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Temporary foreign worker program needs annual cap

Recent changes to the Temporary Foreign Worker program are a good start, but further reform is necessary to prevent excessive reliance on the program by Canadian employers.

The author of a new paper from the IRPP considers four of the recent changes. 

Christopher Worswick of Carleton University says that an annual cap on the number of temporary workers entering Canada should be implemented while additional changes are considered.

An increasing number of companies are looking outside the country when hiring, and there are claims that this may come at the expense of younger and less-skilled Canadians. 

In 2012, 213,573 temporary foreign workers were admitted to Canada, almost two and a half times as many as in 1995. 

For Worswick, “the growth in the number of temporary foreign workers numbers is a cause for concern. 

Its timing, which coincides with a period of weakness in the Canadian economy, is especially troubling, he says.

Despite these concerns, he argues that a limited, tightly monitored temporary foreign worker program can be beneficial to Canada. However, to ensure that Canadians come first when it comes to local jobs, Worswick says there need to be ways to penalize employers’ abuse of the program and also to create incentives for them to abide by the regulations.

He notes that the changes to the program the federal government announced earlier this year are a step in the right direction.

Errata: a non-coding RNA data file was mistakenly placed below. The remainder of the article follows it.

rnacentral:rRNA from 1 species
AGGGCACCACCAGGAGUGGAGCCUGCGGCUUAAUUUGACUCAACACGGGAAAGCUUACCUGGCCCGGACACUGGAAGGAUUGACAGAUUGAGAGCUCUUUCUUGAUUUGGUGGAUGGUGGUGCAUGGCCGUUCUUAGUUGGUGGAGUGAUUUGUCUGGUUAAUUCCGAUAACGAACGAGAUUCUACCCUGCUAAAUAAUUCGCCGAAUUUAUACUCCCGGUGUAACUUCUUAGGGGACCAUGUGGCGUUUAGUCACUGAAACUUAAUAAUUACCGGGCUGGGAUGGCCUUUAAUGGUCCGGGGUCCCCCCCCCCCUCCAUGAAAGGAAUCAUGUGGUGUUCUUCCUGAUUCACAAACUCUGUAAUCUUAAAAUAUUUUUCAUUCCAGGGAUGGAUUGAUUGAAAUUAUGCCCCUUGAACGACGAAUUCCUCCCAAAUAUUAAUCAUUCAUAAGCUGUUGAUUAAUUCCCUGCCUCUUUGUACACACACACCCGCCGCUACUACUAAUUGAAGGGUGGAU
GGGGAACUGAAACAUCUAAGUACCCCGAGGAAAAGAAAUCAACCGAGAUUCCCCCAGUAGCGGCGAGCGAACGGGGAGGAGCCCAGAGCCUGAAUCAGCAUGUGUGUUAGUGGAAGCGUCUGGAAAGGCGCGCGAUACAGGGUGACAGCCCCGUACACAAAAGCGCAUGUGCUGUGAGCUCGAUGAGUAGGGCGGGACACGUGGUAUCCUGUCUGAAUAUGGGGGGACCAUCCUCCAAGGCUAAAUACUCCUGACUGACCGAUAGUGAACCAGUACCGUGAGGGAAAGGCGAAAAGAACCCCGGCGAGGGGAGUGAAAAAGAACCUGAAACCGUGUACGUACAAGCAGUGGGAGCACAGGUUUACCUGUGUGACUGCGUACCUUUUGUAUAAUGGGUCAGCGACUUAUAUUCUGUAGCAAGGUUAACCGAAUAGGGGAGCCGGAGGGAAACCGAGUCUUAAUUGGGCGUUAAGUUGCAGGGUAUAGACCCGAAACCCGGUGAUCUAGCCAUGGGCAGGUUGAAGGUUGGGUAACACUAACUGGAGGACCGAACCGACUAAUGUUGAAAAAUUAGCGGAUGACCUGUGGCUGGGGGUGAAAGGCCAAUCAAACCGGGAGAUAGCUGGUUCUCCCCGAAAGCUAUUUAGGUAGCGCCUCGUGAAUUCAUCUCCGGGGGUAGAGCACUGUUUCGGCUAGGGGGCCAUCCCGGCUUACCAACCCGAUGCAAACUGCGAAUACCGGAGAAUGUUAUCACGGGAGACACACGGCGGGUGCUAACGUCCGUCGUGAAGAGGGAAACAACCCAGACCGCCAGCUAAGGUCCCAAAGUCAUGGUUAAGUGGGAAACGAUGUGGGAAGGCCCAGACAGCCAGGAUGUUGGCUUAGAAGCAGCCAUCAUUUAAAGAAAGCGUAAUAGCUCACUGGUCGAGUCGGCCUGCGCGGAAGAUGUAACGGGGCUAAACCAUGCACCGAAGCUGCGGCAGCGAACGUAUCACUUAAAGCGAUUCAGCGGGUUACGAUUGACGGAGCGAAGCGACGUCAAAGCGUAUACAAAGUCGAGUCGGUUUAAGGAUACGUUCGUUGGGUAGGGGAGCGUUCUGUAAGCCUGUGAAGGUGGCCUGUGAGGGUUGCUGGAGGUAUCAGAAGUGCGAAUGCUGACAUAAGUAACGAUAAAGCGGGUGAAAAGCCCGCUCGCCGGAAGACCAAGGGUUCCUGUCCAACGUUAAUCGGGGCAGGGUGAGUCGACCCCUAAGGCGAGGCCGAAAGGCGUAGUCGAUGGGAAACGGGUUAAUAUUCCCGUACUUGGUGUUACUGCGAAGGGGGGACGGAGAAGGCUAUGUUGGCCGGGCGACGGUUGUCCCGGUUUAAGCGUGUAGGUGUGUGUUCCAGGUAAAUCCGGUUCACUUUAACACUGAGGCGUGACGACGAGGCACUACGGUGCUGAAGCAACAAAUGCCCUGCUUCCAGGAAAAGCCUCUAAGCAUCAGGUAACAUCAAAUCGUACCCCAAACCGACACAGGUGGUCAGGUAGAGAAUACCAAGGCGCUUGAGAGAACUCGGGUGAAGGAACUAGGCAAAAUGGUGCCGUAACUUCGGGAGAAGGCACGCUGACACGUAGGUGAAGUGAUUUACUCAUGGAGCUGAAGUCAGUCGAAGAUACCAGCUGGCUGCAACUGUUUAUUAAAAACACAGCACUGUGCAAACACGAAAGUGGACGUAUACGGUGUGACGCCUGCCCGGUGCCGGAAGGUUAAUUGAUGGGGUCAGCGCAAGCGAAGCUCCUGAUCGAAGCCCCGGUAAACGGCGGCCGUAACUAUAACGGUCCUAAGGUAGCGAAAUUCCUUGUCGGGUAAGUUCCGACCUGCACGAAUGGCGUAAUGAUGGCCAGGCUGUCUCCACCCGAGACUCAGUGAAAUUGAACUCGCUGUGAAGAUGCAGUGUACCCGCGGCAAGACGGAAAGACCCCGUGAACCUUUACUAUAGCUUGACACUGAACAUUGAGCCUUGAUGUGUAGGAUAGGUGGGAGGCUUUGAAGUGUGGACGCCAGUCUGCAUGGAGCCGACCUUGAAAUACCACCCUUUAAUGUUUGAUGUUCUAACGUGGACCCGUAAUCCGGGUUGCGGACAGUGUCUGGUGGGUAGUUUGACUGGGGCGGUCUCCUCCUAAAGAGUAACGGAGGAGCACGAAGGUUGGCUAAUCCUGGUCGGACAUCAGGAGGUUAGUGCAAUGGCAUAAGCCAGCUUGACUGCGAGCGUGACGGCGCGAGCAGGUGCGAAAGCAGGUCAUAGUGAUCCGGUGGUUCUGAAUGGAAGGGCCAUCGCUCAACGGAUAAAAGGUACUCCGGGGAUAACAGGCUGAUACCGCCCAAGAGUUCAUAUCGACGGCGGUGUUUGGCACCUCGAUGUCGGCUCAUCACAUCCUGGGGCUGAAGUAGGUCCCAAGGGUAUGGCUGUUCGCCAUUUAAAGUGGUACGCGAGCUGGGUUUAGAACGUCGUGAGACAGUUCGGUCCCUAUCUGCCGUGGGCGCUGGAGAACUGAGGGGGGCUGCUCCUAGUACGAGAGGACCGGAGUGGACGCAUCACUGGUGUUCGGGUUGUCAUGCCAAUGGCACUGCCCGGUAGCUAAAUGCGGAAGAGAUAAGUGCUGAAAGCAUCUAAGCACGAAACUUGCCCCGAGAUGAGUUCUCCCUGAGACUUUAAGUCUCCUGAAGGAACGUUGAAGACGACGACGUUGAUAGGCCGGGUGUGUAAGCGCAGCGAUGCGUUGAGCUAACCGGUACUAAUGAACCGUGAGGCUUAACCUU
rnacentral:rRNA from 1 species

Among other things, the new rules place greater restrictions on employers’ access to foreign workers and implement new administrative fees for employers.

“These changes are sensible,” Worswick explains. They send “a strong signal that firms should not become reliant on temporary foreign workers and should instead hire and possibly train Canadians to replace them in the future.”

More broadly, he notes that improved monitoring of working conditions for temporary foreign workers is necessary to avoid the abuse of vulnerable employees. 

Here, provincial governments also have a responsibility, as matters such as workplace safety and discrimination are governed to a significant degree by provincial legislation and regulations.

Economic Implications of Recent Changes to the Temporary Foreign Worker Program by Christopher Worswick can be downloaded from irpp.org

Posted: Oct 30, 2013

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